From the town of Chapala, Mexico, if you head one west toward the end of the lake, you'll reach the town of Jocotepec. But if you head east from Chapala, you'll come across Mezcala.

We visited both on separate occasions.

Jocotepec we actually visited twice - each time with the same intent - raspberries.

Acres (or hectares) of raspberries are grown under green houses in Jocotepec (picked while still hard and pink and shipped to the states for Driscoll).

The raspberries that are already ripe can't be shipped, and so are offered for sale to locals. That's what we were after.

The encargado (general manager) that sold us the raspberries.

These two containers cost the same price. The Driscoll box is about US$3.00 in the states. We paid about US$3.15 ($40 pesos) for our big pot of fresh, ripe raspberries. At that price, we bought two. 🙂

After raspberries, we went to the new, big, beautiful park that is on the lake. The kids played on the awesome playground. I got distracted taking photos of egrets and fishermen.





You can watch the video of our trip to Jocotepec here.

About a week later, we drove to the town of Mezcala. I loved this little place because it was so authentic - few tourists and expats.

Our intent was to take a boat from there across to the Isla Mezcala a.k.a as Isla del Presidio. It was made famous during the Mexican War of Independence when 1500 patriots (mostly Indian) maintained their independence against the Spaniards for four years (from 1812 - 1816) until hunger and sickness forced their surrender.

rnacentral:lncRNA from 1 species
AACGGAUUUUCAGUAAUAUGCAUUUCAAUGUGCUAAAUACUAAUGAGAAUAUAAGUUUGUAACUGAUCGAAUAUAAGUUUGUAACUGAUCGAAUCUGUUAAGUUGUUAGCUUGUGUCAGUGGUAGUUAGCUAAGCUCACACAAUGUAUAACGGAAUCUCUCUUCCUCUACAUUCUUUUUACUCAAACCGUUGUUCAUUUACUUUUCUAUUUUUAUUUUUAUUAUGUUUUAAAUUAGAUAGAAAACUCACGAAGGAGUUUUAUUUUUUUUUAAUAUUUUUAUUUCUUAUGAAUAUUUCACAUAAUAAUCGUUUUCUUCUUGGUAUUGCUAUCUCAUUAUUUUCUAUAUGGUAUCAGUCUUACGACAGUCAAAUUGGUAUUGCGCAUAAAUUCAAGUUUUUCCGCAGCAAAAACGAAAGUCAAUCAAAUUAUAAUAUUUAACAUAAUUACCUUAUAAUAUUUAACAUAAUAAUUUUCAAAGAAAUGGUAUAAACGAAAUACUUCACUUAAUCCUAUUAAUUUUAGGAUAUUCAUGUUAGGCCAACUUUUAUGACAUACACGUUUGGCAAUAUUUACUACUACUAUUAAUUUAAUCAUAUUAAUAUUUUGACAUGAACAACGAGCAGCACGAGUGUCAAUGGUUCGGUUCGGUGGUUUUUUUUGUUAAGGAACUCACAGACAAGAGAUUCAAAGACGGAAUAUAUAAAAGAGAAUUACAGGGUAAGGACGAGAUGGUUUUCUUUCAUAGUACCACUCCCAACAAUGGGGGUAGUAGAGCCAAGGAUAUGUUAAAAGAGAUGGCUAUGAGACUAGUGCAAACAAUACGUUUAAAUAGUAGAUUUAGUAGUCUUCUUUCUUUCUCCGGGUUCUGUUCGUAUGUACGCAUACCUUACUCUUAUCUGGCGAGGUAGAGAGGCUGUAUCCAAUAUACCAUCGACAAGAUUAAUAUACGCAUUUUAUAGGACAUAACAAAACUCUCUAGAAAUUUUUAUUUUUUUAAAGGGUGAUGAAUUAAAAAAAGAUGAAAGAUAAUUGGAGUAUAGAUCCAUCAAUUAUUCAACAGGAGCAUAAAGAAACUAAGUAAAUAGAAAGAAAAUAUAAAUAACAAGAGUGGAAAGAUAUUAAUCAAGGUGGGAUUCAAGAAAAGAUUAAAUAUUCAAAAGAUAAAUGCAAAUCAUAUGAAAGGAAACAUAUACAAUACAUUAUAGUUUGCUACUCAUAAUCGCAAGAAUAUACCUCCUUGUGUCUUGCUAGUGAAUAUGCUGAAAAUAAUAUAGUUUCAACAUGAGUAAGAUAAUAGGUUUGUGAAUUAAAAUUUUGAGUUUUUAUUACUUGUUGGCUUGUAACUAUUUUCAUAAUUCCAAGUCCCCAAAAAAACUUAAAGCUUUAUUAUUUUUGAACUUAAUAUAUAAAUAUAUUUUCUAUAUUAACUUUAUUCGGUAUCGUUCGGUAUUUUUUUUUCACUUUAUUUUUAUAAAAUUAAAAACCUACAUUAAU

In 1819, the Fuerte Mezcala (Mezcala Fort) was built by the Spanish and used until Mexican independence in 1821. The island was then converted to a prison until it was closed in 1855.

It was intriguing to walk among the crumbling walls, and look out over the lake, wondering who the people were, and what they were like, who walked along the same paths I was now walking.

As we explored the prison - accessed by a drawbridge that spanned the moat surrounding the fort - Greg could see in his mind's eye the Mexican jefe with his sombrero and cigar dangling from his mouth, six-shooter hanging from his hip, just like out of a movie.

(Why is it that real life reminds us of movies? Isn't it more accurate to say that movies remind us of real life? At least that's the way I think it should be.)

 Click here to view the photos from our boat trip to Isla Mezcala. (Do it! You know you want to! They are awesome pictures!)

 Have you bought raspberries in Jocotepec?



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